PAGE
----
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World Aids Day: Encouraging news & optimism from A
This World Aids Day, we wanted to reflect on the progress that has been made in tackling HIV in Africa.
That progress, of course, comes with an important caveat – Sub-Saharan Africa remains the region most heavily affected by HIV, which is why the ongoing campaigns to combat it are so essential to support.
But if the significant steps forward in the last few years are anything to go by, this will not be the last of the encouraging news you’ll hear about HIV in Africa.
Take a look at these promising stats:
• In the last year HIV incidence has fallen in 33 countries, 22 of them in sub-Saharan Africa, the region most affected by the Aids epidemic.
• The total number of new HIV infections in sub-Saharan Africa has dropped by more than 26%, down to 1.9 million from the estimated 2.6 million at the height of the epidemic in 1997.
• In 22 sub-Saharan countries, research shows HIV incidence declined by more than 25% between 2001 and 2009.
• Antiretroviral coverage rose 20% in sub-Saharan Africa between 2009 and 2010.
• AIDS has claimed at least one million lives annually in sub- Saharan Africa since 1998. Since then, however, AIDS-related deaths have steadily decreased, as free antiretroviral therapy has become more widely available in the region.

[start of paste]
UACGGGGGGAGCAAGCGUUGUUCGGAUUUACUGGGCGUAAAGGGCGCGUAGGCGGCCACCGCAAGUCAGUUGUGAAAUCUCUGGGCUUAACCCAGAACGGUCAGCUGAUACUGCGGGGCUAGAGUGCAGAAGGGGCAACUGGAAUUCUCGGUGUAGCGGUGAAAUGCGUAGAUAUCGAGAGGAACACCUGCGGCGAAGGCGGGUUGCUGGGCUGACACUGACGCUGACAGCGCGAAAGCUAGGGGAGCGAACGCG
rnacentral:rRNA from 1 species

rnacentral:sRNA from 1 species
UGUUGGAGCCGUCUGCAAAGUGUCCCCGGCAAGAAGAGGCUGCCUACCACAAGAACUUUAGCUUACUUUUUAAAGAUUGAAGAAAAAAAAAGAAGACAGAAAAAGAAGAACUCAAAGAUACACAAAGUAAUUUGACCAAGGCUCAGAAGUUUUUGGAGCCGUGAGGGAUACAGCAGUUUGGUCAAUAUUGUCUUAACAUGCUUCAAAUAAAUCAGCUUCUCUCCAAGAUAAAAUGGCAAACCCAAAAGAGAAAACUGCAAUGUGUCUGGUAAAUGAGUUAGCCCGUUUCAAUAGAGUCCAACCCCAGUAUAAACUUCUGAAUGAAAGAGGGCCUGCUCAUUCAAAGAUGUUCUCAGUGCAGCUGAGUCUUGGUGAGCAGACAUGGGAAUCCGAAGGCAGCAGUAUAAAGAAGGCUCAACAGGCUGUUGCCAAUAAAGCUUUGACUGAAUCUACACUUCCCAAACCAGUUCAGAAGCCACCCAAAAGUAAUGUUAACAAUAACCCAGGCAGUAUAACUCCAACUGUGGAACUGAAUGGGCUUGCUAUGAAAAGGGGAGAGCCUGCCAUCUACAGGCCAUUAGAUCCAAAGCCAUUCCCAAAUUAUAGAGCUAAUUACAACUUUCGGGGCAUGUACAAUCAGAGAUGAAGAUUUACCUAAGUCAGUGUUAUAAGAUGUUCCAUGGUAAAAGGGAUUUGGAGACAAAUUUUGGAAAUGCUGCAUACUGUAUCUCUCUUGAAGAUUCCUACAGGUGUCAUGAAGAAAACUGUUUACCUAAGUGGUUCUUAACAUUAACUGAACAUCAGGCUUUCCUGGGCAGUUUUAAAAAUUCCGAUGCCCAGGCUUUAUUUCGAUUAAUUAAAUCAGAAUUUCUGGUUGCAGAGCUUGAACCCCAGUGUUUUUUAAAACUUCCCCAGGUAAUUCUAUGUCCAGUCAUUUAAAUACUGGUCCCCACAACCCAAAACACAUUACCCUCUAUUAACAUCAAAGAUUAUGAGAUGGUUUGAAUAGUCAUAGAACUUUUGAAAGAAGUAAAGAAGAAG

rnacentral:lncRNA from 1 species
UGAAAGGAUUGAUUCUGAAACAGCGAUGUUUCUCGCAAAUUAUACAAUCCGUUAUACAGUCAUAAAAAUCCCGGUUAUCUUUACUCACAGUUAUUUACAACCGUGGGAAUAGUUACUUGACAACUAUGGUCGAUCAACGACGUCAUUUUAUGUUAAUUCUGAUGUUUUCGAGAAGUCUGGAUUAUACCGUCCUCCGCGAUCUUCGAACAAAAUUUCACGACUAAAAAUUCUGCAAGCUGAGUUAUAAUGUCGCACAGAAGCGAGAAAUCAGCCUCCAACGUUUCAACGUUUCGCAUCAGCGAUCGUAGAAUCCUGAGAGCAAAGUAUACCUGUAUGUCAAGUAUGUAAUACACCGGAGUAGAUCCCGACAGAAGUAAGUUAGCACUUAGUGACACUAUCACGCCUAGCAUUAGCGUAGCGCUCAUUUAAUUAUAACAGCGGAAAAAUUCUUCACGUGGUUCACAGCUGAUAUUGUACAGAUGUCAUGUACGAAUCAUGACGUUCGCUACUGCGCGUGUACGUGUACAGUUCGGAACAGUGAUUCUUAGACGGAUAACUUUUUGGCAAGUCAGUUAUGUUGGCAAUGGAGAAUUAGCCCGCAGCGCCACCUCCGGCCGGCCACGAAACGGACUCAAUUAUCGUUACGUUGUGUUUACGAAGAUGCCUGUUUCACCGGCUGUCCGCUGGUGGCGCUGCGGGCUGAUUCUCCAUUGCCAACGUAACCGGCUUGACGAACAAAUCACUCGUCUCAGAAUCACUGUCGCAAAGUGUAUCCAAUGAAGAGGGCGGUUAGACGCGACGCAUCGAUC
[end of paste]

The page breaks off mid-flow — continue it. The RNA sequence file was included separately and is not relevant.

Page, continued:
Source: UNAIDS World AIDS Day Report 2011,“How to get to zero: Faster. Smarter. Better.” 21 November 2011
We’re not the only optimists out there.
In this special video for World Aids Day 2011, the ONE campaign confidently rallies us to continue the momentum of progress:
“We stand on the cusp of a major milestone in this fight. This could be the beginning of the end of Aids. 2015 is the year we can virtually eliminate HIV transmission from mother to child and ensure almost no child is born with HIV. An Aids free generation is in our grasp."
Watch their inspiring video here
"Within 3 mins on our site, you'll learn at least 3 good news facts about Africa. I'll tell you how much there is to discover about a modern, progressive Africa."
What do you think? Comment below.